AstraZeneca’s prime marketing strategy for Crestor has been to boast the drug’s powerful nature, a quality which has received significant criticism in recent studies. According to researchers, even the potency of Crestor’s standard dosage, which is 10 mg, exposes most individual to a much more intense treatment than they require. In fact, Crestor manufacturers claim that the drug’s standard dose can reduce LDL by a shocking 46-52%, although the average person with elevated cholesterol levels require a mere 20-30% reduction. According to one Crestor study, even 1 mg of Crestor can reduce LDL by 35%, equal to that of 20 mg and 30 mg doses of similar anti-cholesterol medications. Many organizations have voiced their concerns about the harmful nature of Crestor. In fact, in 2004, only a year after the drug’s inception, a consumer interest group called Public Citizen, petitioned the FDA to remove Crestor from the market.
Despite these dangers, Crestor remains on the market. In fact, in 2010, the FDA actually approved a wider use of Crestor, which allowed the drug to be marketed to healthy individuals to prevent the development of heart attack and stroke. This new market population consists of individuals who have normal to only slightly elevated levels of cholesterol, but who have an elevated C-reactive protein level, which is considered a marker for cardiovascular disease. The study on which this new indication was largely based was financially supported by AstraZenenca and was led by the man who invented the actual C-reactive protein test, the major determining factor in the study. Experts warn consumers to evaluate the actual results of this study though. Researchers claim that, according to the study, Crestor can decrease the risk of heart attack by 55% and stroke by 48%. However, because this study compared healthy individuals with individuals taking a placebo, the 55% reduction, in reality, only translates to two out of 1,000 people. In other words, 500 people would have to take Crestor for one year in order to prevent just one heart attack. Because of this study though, the dangerous drug was made available to 6.5 million healthy Americans.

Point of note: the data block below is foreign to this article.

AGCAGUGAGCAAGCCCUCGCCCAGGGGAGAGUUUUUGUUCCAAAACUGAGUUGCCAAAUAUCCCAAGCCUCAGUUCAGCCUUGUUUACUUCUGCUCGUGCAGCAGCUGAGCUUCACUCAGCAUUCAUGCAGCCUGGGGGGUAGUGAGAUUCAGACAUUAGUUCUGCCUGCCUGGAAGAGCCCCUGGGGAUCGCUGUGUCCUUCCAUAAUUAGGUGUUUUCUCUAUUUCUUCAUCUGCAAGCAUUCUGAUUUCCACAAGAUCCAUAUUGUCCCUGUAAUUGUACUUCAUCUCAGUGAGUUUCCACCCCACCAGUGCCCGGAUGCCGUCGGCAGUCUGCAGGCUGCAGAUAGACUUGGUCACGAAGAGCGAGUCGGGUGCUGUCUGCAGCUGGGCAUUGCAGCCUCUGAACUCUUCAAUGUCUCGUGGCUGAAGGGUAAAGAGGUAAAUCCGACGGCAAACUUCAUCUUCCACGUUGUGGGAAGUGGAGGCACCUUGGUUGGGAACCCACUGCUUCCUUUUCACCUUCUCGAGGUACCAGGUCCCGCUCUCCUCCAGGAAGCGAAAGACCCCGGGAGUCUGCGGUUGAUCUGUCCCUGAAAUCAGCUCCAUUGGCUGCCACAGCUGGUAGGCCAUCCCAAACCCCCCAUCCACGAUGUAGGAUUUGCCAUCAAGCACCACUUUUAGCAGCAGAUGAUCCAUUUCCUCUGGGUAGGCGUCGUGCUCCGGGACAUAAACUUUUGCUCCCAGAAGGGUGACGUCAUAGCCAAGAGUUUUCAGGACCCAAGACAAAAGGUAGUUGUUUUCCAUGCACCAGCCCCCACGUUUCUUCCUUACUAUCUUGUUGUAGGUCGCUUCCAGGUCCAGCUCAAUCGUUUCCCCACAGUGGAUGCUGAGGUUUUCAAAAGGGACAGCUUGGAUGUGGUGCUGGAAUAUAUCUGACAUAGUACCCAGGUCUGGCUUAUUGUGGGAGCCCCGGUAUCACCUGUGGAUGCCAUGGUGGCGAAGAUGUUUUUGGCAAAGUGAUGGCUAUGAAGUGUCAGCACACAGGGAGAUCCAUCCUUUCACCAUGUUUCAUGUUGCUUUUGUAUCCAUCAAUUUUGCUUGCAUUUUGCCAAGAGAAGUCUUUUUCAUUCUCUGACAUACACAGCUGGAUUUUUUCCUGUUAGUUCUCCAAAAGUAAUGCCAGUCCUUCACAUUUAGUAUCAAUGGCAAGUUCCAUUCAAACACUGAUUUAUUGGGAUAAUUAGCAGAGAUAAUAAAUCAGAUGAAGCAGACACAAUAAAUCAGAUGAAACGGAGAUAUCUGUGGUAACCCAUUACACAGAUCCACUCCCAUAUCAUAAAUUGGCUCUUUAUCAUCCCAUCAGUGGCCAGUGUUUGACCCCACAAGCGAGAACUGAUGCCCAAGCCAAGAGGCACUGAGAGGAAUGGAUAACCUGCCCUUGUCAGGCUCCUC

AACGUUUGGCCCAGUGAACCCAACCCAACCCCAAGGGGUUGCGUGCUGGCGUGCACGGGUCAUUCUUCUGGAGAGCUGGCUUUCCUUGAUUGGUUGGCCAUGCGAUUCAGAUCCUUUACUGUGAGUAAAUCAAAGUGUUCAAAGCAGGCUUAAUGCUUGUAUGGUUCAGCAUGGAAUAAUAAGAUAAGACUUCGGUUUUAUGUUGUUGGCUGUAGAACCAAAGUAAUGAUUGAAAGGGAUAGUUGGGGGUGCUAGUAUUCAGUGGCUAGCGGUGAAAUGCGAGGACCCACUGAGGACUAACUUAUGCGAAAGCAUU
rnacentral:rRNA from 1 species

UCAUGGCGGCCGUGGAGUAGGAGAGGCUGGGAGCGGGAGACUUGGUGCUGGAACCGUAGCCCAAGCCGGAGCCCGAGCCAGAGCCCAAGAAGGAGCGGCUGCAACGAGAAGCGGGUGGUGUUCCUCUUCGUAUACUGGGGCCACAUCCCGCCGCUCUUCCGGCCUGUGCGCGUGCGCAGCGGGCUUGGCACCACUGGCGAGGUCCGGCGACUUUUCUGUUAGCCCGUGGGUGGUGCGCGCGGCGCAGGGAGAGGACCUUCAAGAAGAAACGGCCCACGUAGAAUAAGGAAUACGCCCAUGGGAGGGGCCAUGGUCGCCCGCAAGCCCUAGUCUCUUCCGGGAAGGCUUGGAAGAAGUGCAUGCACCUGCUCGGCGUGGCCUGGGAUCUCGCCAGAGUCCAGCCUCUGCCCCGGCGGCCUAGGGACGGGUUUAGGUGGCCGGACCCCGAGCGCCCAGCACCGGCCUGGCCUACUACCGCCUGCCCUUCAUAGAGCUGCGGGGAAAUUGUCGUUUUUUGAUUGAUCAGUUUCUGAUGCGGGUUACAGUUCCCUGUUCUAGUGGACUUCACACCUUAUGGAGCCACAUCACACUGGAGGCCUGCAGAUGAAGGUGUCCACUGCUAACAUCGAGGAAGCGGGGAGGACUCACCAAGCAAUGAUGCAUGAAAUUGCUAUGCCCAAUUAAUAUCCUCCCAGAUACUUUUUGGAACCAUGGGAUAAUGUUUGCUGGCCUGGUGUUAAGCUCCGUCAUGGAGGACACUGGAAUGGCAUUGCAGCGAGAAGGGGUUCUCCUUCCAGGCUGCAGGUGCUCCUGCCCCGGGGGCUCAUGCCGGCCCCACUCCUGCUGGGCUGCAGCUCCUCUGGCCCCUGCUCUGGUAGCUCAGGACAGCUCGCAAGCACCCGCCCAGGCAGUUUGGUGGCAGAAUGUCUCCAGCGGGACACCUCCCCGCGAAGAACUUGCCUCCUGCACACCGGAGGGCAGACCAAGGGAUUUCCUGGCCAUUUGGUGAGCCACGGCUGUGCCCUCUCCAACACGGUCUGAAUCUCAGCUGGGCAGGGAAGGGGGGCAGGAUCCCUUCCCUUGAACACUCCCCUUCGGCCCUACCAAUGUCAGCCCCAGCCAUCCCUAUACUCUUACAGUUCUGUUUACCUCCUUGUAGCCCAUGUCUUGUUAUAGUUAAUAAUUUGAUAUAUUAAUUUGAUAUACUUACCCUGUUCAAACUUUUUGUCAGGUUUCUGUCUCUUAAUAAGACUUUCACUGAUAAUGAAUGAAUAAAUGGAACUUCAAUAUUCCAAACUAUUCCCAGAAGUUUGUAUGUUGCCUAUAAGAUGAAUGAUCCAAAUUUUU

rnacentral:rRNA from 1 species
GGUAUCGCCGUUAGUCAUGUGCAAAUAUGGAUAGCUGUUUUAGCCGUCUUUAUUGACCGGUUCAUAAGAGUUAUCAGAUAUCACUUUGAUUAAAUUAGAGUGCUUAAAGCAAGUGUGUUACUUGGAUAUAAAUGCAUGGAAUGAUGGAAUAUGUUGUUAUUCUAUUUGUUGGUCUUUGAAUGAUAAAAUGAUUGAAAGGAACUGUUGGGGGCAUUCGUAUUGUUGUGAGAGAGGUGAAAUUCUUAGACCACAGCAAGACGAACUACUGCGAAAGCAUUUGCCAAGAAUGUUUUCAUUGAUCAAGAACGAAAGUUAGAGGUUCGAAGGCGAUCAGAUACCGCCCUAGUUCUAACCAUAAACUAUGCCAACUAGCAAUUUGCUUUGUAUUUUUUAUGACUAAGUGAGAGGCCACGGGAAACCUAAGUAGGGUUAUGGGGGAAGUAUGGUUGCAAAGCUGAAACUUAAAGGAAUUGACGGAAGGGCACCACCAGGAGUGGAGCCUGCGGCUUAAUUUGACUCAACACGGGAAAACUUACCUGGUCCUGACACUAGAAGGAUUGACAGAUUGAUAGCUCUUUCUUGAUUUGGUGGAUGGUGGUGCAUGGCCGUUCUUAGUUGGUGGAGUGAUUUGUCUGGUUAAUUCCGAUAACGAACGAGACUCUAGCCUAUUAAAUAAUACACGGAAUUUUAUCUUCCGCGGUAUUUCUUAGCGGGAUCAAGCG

Crestor has been heavily marketed as a safe and effective method of reducing cholesterol levels and decreasing the risk of heart attack and stroke. It is estimated that Crestor has already been prescribed to more than four million individuals, many of whom may now be at risk for developing serious health conditions, including heart attack. Consumers depend upon drug manufacturing companies and the FDA to evaluate the safety and effectiveness of medications. Unfortunately, some pharmaceutical companies employ deceptive practices in order to conceal the more serious side effects associated with their medications, leaving consumers at risk for serious illness, injury and even death. Drug manufacturing companies should be held accountable for the harmful side effects associated with their medications, as well as the injuries sustained by consumers who take their medications. Victims of Crestor-related injuries are not at fault and should contact a Crestor attorney to discuss the benefits of filing a defective drug lawsuit. If you or a loved one has suffered from a heart attack and you believe Crestor to be the cause, a Crestor lawyer can help you collect compensation for your injuries.